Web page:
What will happen to your online data if you can no longer access it?
Updated: Jun 1
If you’re like many people, you have important data on computer files and applications.
Having bank account, credit card account, investment, health, and other personal information stored paperlessly, with security protection, is a great convenience. But what if disability or death makes it impossible for you to access it? Will anyone be able to make sure your bills get paid, your credit cards don’t keep racking up finance charges, and your investments don’t go unmanaged?
Fortunately, there’s an app for that – or several apps, depending on which operating system you use.
Apple’s new Digital Legacy Contact is probably the newest, but not necessarily the easiest app to use. With it, you can set up access from your iPhone, iPad or Mac computer – so long as it’s running iOS15.2, iPadOS15.2 or macOS12.1, but not, if you’ll pardon the pun, a legacy operating system. Visit Apple’s Digital Legacy access page, and you’ll get an access key comprising a QR code and a string of text that you can either print or send as an encrypted Messages text. If you don’t use Messages, or if you use a Mac and your adult daughter uses a PC, she won’t be able to use the digital access. She’ll need a hard copy of the key, along with a copy of your death certificate; so if you’re alive but incapacitated, the app won’t help.
The contact you choose will be able to see all the messages, files and photos you saved in iCloud; all of your call history; all of your emails; all of your health data; and all of your Notes, calendars, Safari bookmarks, and reminders. You won’t be able to pick and choose. Your contact won’t be able to see any music, books or movies you bought.
Google’s inactive account manager works differently. You don’t have to be an Android user to use it. If you use Chrome or other Google products, you’re good. As its name implies, you can use it to reach out to contacts after any interval you choose – from three to 18 months – from the time Google detects you’re no longer using your Google data. Unlike Apple, Google lets you choose which of 52 data categories you want to make available to your contact. This list even includes movies, videos and books you bought from the Play Store.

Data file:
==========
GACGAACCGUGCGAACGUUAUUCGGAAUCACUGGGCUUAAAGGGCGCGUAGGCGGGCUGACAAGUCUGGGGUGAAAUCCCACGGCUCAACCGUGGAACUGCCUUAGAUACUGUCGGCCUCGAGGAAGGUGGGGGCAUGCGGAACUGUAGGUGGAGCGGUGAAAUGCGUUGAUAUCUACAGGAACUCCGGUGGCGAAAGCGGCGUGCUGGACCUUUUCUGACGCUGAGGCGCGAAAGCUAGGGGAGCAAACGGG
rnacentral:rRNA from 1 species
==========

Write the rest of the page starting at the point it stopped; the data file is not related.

It also generates an autoreply email after your account becomes inactive.
Facebook lets loved ones close or “memorialize” your page and download a backup of the data (except your messages).
If you have an app for storing all your access information, you can give your contact the main password or passcode.
Or you can just make a list of your important files, their contents, and your used ID and passwords and send them to your chosen contact.
Of course, what’s just as important as how you share your digital legacy is with whom. So be sure to choose someone you trust implicitly, and make sure you’re not giving them access to data that’s more revealing than you’d be comfortable with. And be sure to revisit, re-edit and update your settings every few years.
The important thing about your personal information is that it’s personal. It’s as different as you, your health, your values, and your priorities are. That’s why, when you contact us, the very first part of our holistic senior care management planning is a thorough three-part needs assessment in which we ascertain not only our clients’ and their families’ physical, emotional and environmental needs, but their values and priorities as well. The personal information we learn becomes the basis of a custom-tailored, coordinated plan that provides exactly the care our client needs to keep living as independently as possible, in the lifestyle they prefer, for as long as possible.